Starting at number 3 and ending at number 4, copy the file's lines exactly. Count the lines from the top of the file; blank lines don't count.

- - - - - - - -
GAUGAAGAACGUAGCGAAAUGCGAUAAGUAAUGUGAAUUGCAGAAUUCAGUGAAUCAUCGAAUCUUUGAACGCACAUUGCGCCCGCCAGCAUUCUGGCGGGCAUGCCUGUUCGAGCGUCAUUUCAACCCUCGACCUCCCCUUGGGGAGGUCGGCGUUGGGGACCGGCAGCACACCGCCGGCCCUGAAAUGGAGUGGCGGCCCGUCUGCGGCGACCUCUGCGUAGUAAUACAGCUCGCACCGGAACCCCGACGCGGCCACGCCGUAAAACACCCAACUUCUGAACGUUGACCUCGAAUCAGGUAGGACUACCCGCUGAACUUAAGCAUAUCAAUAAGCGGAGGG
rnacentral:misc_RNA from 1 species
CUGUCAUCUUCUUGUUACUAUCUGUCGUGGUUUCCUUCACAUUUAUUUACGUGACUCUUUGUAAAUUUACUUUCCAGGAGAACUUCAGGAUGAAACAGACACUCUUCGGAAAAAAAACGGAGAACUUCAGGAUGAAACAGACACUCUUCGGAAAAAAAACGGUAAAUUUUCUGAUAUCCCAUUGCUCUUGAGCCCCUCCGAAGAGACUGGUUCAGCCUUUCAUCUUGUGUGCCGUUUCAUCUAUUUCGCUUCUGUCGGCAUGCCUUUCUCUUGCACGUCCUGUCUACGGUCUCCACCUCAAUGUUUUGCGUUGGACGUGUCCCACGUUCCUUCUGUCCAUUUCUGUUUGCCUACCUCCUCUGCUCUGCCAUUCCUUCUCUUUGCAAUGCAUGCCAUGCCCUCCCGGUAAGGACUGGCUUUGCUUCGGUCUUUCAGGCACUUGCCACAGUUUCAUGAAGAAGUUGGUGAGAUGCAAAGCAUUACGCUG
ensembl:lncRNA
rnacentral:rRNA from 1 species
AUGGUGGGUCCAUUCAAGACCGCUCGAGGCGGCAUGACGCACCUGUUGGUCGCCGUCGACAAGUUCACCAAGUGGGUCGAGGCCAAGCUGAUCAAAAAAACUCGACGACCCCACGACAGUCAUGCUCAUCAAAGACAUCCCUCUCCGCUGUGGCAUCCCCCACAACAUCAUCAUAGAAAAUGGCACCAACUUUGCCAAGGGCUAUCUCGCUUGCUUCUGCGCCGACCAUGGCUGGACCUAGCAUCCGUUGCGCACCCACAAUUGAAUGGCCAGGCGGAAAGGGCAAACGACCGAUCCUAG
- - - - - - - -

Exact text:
CUGUCAUCUUCUUGUUACUAUCUGUCGUGGUUUCCUUCACAUUUAUUUACGUGACUCUUUGUAAAUUUACUUUCCAGGAGAACUUCAGGAUGAAACAGACACUCUUCGGAAAAAAAACGGAGAACUUCAGGAUGAAACAGACACUCUUCGGAAAAAAAACGGUAAAUUUUCUGAUAUCCCAUUGCUCUUGAGCCCCUCCGAAGAGACUGGUUCAGCCUUUCAUCUUGUGUGCCGUUUCAUCUAUUUCGCUUCUGUCGGCAUGCCUUUCUCUUGCACGUCCUGUCUACGGUCUCCACCUCAAUGUUUUGCGUUGGACGUGUCCCACGUUCCUUCUGUCCAUUUCUGUUUGCCUACCUCCUCUGCUCUGCCAUUCCUUCUCUUUGCAAUGCAUGCCAUGCCCUCCCGGUAAGGACUGGCUUUGCUUCGGUCUUUCAGGCACUUGCCACAGUUUCAUGAAGAAGUUGGUGAGAUGCAAAGCAUUACGCUG
ensembl:lncRNA